WRANGLING MAN Tom Lyons, new owner of the New England Mobile Book Fair, says the quirky spot can be tamed without killing its soul.
A few weeks ago, I dropped by the New England Mobile Book Fair to buy an Orhan Pamuk paperback, The Museum of Innocence, for my book club. I ran into Jon Strymish, the Book Fair's 48-year-old floor manager and co-owner, and asked him where I might find it.
That's not as straightforward a question as it might seem. The Book Fair, housed in a 35,000-square-foot former tennis-racket factory in Newton Highlands, is filled to capacity with more than a million books, in piles and on a hodgepodge of cramped, hastily made shelves. Its strange system of organizing books by publisher was designed to serve founder (and Jon's father) Louis Strymish's original clientele of librarians and bookstore owners, there to stock their own shelves.
At a dusty, cluttered computer kiosk, Jon Strymish punched "museum of innocence" into Amazon and determined that the book is published by Knopf. From there, we walked over to the section for Random House — the megaconglomerate of which Alfred A. Knopf is but a small, distinguished imprint — and looked for the novel in a cluster of books stacked horizontally on a low shelf. Strymish bent his large frame down to get a closer look at all the Random House authors whose names began with "P."
It wasn't there.
Strymish wasn't fazed. He knew that his store would carry all recent paperbacks by the Turkish Nobel Prize-winner, so we took to the aisles. After looping around the labyrinth for only a short while, we ran into an employee named Greg who had just constructed a Pamuk display near the front of the store. Strymish spotted a stack of The Museum of Innocence, plucked one out, and handed it to me with a triumphant smirk. I bought it — along with two additional books I noticed in my travels. This is the unique charm of the Book Fair: it is totally wild. You have no idea what's there.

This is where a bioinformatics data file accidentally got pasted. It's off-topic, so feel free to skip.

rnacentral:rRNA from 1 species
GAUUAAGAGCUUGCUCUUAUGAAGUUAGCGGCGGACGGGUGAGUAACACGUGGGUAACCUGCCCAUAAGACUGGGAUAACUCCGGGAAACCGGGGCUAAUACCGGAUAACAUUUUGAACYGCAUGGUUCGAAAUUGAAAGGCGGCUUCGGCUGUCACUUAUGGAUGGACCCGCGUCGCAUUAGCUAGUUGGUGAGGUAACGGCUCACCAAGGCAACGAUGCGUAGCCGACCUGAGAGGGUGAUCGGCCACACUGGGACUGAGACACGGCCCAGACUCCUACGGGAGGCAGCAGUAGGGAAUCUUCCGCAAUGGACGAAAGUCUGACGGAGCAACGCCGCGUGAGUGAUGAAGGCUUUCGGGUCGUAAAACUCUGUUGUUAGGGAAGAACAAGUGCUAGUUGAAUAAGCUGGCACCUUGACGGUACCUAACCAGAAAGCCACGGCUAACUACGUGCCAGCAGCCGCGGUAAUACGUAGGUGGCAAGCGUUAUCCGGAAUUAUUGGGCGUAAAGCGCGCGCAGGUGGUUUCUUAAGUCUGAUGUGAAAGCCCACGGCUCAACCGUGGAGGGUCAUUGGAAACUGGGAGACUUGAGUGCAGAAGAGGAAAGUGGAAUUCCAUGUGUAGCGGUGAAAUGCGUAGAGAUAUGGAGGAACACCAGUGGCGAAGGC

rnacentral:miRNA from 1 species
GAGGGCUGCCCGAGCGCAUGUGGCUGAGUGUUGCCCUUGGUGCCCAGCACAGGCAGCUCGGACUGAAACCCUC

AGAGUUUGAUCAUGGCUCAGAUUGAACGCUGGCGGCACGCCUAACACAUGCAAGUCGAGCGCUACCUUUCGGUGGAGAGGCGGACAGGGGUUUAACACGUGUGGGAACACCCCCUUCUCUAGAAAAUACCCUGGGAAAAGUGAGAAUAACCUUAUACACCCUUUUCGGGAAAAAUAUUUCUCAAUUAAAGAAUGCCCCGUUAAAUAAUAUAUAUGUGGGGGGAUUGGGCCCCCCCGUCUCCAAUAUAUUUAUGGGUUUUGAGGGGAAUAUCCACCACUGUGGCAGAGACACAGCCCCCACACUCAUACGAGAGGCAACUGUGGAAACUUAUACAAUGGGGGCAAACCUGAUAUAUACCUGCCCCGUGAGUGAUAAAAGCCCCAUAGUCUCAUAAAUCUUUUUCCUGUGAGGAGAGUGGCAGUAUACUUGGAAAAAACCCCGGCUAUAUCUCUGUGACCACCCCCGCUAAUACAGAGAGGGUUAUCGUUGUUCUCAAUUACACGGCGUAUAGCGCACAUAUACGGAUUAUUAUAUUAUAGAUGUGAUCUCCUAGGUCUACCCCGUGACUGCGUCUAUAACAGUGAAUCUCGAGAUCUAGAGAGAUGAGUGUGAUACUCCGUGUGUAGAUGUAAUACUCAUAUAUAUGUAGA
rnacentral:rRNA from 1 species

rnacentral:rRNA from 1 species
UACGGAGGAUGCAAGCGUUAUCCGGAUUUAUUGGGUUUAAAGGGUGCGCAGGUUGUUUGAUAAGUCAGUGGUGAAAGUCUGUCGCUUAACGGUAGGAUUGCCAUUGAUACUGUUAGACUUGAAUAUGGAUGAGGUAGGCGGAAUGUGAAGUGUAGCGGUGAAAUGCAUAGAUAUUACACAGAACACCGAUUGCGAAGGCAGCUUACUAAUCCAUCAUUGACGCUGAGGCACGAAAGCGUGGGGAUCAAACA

But soon, shopping at the Book Fair will be a very different experience.
Last week, the Strymish family and the store's co-owner, Steve Ganz, sold the Book Fair to Brookline businessman Tom Lyons. And Lyons plans to make some changes.
"I'm an auditor by trade; I look at things differently," Lyons said. "I'm into process and control. I'm into flow. The inventory has to be redone."
Lyons will break with over half a century of tradition and reorganize the Book Fair (which Louis Strymish opened in 1975) the way other bookstores are organized — by category, not publisher — and make signs to help people find their way around. The Book Fair has always been an under-the-radar, word-of-mouth kind of place; Lyons plans to hold regular events and book signings to draw people in. He plans to put the kibosh on the oddball Book Fair practice of letting publishers do their own inventory and restock orders.
In short, Lyons will transform what is essentially a supersize extraterrestrial spacecraft of a bookstore into something more recognizable — more like a local neighborhood independent.